Successful building of a data backup and sharing platform
System makes use of continuously migrating vitual machine [VM]
The Distcloud Project Team, consisting of researchers at Osaka University, four other universities and three institutes, built a virtual data sharing platform in which the eight participating organizations scatter and continuously migrate a VM [virtual machine]. In this way, they achieved success in establishing a system for backup of data and active-standby configuration of such data, an ideal disaster recovery plan. That is, this system has the benefit of avoiding problems with expense, performance, and response time. Through this system, the virtual machine continually migrates backup data over a distance of some 24,000 km, more than half the earth’s circumference.
To explain in more detail, with system devised by the Distcloud Project Team, data is stored at geographically scattered sites through parallel distribution storage technology which handles storage provided by multiple platforms as concentrated massive storage. Therefore, continuous data protection at the time of a disaster or during system failure at any one location and/or the quick provision of global services are available.
This technology will contribute to business continuity plans, continuous provision of administration services, as well as information control including the sharing information for disaster recovery.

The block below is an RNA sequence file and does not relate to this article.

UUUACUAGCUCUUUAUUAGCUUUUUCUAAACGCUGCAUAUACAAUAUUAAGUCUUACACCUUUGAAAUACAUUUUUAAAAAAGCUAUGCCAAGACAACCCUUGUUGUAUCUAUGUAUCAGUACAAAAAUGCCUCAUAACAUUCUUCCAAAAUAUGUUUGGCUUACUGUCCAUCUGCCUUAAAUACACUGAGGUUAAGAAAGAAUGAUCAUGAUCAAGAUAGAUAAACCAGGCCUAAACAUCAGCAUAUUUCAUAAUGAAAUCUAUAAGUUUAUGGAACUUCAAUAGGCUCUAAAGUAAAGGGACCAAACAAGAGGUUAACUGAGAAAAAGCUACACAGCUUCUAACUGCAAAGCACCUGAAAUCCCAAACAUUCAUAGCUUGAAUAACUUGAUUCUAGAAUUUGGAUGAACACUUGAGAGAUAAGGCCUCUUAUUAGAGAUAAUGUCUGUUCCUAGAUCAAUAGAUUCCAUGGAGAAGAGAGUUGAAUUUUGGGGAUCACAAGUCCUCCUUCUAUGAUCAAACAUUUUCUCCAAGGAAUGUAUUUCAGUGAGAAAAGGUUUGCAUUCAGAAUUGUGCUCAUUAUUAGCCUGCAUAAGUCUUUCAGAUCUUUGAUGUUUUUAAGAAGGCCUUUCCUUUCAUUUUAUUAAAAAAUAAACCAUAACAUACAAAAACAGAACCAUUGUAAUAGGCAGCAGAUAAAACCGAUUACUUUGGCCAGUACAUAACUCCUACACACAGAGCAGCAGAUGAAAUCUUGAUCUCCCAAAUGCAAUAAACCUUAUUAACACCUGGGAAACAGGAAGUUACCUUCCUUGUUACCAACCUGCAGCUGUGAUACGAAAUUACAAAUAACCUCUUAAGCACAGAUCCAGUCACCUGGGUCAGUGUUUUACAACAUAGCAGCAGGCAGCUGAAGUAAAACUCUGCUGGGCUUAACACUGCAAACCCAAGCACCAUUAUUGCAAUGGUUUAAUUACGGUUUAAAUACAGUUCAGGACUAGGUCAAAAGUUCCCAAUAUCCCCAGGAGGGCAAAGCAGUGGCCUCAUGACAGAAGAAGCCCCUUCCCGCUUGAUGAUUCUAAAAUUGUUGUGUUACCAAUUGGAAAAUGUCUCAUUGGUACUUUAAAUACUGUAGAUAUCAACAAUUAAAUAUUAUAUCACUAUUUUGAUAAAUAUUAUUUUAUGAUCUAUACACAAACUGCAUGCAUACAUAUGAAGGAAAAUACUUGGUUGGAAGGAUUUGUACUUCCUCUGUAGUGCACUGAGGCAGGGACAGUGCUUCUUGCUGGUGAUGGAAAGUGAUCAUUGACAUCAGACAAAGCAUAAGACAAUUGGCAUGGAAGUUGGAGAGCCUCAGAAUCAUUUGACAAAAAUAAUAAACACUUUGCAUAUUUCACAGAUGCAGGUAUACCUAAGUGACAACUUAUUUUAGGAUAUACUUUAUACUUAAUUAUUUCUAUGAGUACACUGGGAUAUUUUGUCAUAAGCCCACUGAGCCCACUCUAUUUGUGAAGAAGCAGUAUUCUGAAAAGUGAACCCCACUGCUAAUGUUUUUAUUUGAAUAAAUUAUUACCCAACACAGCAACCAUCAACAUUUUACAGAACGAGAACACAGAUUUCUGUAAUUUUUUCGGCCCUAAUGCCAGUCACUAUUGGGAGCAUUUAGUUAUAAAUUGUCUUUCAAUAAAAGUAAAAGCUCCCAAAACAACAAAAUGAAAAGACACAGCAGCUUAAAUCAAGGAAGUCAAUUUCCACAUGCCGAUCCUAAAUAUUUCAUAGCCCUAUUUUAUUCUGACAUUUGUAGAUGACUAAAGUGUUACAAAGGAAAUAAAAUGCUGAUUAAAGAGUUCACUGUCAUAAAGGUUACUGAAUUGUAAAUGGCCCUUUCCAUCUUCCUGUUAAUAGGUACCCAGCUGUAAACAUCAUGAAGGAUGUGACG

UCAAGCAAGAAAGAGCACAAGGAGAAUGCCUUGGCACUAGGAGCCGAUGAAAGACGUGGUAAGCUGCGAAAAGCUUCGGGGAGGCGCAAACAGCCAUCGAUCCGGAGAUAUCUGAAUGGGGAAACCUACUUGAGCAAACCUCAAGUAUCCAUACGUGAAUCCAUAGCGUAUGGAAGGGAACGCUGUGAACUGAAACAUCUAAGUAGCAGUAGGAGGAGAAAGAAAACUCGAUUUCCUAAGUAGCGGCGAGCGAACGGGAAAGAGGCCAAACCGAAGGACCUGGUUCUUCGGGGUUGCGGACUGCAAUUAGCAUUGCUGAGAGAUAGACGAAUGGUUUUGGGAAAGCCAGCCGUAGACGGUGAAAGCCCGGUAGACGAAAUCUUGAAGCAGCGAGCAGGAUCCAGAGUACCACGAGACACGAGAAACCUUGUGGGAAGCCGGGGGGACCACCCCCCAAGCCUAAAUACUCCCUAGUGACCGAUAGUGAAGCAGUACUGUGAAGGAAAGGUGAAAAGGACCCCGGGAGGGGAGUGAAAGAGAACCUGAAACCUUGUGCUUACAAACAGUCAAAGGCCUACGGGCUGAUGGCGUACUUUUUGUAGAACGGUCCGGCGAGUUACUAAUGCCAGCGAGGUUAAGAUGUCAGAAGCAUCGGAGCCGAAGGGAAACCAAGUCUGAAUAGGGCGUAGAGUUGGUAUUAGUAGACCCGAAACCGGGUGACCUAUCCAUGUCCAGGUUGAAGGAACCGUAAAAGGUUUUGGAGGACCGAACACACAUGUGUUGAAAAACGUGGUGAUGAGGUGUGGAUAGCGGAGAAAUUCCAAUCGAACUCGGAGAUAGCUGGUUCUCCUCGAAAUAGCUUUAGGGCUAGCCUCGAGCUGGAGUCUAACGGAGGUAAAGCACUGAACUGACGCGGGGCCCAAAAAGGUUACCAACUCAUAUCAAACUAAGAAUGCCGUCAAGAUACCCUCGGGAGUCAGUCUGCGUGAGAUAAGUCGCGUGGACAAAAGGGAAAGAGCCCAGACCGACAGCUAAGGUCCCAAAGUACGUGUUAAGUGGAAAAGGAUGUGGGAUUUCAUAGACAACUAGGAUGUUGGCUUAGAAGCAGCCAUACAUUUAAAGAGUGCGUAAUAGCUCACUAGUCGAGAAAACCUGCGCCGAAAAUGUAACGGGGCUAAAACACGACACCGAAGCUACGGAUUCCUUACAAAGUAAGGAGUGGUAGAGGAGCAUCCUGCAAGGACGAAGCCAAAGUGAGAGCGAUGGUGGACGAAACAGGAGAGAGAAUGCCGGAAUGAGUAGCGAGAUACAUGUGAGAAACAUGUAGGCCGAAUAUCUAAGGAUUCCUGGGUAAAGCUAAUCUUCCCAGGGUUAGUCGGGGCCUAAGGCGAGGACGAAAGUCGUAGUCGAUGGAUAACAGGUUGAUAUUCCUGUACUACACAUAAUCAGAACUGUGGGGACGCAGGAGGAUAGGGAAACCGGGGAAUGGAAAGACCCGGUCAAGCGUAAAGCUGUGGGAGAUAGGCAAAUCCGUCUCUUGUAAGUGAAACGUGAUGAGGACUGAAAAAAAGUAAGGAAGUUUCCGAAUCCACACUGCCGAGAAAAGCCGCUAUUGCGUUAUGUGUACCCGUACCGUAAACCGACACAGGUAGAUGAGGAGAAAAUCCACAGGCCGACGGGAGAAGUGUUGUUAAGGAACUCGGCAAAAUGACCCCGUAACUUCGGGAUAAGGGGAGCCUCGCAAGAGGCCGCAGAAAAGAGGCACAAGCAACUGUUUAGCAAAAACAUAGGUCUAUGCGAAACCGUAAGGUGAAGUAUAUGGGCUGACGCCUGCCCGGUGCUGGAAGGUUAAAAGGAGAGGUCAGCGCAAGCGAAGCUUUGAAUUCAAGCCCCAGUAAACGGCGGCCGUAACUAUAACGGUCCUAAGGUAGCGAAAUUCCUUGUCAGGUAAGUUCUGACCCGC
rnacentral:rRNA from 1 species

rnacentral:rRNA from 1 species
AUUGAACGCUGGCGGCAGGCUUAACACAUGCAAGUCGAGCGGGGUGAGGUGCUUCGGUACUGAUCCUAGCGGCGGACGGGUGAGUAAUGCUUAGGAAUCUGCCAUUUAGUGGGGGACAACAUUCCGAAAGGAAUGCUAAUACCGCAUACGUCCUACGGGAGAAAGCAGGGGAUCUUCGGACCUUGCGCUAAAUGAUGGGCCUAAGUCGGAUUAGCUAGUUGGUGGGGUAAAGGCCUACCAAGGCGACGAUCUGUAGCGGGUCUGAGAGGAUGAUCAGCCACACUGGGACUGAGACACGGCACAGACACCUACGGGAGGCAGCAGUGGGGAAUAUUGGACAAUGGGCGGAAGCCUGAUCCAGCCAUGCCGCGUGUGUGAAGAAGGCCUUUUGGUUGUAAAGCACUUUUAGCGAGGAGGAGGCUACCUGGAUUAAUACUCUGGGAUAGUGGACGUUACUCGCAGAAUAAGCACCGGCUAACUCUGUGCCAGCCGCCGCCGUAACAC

(This project is headed by SHIMOJO Shinji , Professor, Cybermedia Center, Osaka University. Participating organizations are : Osaka University , Kanazawa University , National Institute of Informatics , Kochi University of Technology , National Institute of Information and Communications Technology , Nara Institute of Science and Technology , Hiroshima University , Hokkaido University )
We focused on distributed storage technologies and backing up data onto remote data centers because of growing sense of the need for disaster recovery following a large-scale disaster. Now the authors are constructing widely distributed storage environments among Kanazawa University, Hiroshima University, National Institute of Informatics (NII). This environment is characterized by high performance of random I/O access. Because every site can access the same data, IT services can be continued with live migration technology. In this paper, the authors evaluate performances of storage I/O and wide area live migration in such a storage environment.